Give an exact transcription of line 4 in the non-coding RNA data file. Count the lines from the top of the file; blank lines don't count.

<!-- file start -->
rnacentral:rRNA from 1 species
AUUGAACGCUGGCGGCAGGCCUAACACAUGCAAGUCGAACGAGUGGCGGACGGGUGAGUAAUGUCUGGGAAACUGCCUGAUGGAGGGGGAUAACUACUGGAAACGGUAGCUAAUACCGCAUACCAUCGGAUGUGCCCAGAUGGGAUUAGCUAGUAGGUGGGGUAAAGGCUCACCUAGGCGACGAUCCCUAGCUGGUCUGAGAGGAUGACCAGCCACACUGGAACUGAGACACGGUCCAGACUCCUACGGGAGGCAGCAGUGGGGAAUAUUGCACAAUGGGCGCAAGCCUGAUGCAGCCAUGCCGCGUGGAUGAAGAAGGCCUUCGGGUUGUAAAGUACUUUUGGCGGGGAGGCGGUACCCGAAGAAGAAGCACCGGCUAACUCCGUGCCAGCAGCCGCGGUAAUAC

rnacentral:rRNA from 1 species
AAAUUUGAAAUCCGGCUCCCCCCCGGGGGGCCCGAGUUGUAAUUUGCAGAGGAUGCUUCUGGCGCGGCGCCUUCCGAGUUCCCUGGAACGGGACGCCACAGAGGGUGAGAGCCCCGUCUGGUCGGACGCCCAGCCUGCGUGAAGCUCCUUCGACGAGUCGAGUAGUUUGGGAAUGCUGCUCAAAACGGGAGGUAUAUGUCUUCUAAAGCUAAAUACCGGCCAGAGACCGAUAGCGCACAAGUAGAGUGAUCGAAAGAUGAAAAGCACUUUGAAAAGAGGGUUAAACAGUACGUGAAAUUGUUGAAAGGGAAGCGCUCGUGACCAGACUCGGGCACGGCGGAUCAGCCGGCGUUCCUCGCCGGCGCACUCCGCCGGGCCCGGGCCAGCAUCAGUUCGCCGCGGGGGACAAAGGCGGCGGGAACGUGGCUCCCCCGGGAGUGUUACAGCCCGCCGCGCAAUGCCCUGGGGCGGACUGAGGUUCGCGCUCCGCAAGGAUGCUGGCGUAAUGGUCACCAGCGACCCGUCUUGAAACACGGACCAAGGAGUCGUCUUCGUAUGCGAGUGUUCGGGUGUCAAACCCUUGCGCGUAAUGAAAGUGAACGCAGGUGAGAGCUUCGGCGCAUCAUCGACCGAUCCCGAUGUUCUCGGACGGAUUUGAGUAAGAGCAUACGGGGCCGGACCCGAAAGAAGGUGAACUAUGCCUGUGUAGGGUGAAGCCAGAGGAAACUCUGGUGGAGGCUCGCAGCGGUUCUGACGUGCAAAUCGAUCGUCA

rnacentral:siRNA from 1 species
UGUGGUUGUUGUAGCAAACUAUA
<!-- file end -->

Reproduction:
AAAUUUGAAAUCCGGCUCCCCCCCGGGGGGCCCGAGUUGUAAUUUGCAGAGGAUGCUUCUGGCGCGGCGCCUUCCGAGUUCCCUGGAACGGGACGCCACAGAGGGUGAGAGCCCCGUCUGGUCGGACGCCCAGCCUGCGUGAAGCUCCUUCGACGAGUCGAGUAGUUUGGGAAUGCUGCUCAAAACGGGAGGUAUAUGUCUUCUAAAGCUAAAUACCGGCCAGAGACCGAUAGCGCACAAGUAGAGUGAUCGAAAGAUGAAAAGCACUUUGAAAAGAGGGUUAAACAGUACGUGAAAUUGUUGAAAGGGAAGCGCUCGUGACCAGACUCGGGCACGGCGGAUCAGCCGGCGUUCCUCGCCGGCGCACUCCGCCGGGCCCGGGCCAGCAUCAGUUCGCCGCGGGGGACAAAGGCGGCGGGAACGUGGCUCCCCCGGGAGUGUUACAGCCCGCCGCGCAAUGCCCUGGGGCGGACUGAGGUUCGCGCUCCGCAAGGAUGCUGGCGUAAUGGUCACCAGCGACCCGUCUUGAAACACGGACCAAGGAGUCGUCUUCGUAUGCGAGUGUUCGGGUGUCAAACCCUUGCGCGUAAUGAAAGUGAACGCAGGUGAGAGCUUCGGCGCAUCAUCGACCGAUCCCGAUGUUCUCGGACGGAUUUGAGUAAGAGCAUACGGGGCCGGACCCGAAAGAAGGUGAACUAUGCCUGUGUAGGGUGAAGCCAGAGGAAACUCUGGUGGAGGCUCGCAGCGGUUCUGACGUGCAAAUCGAUCGUCA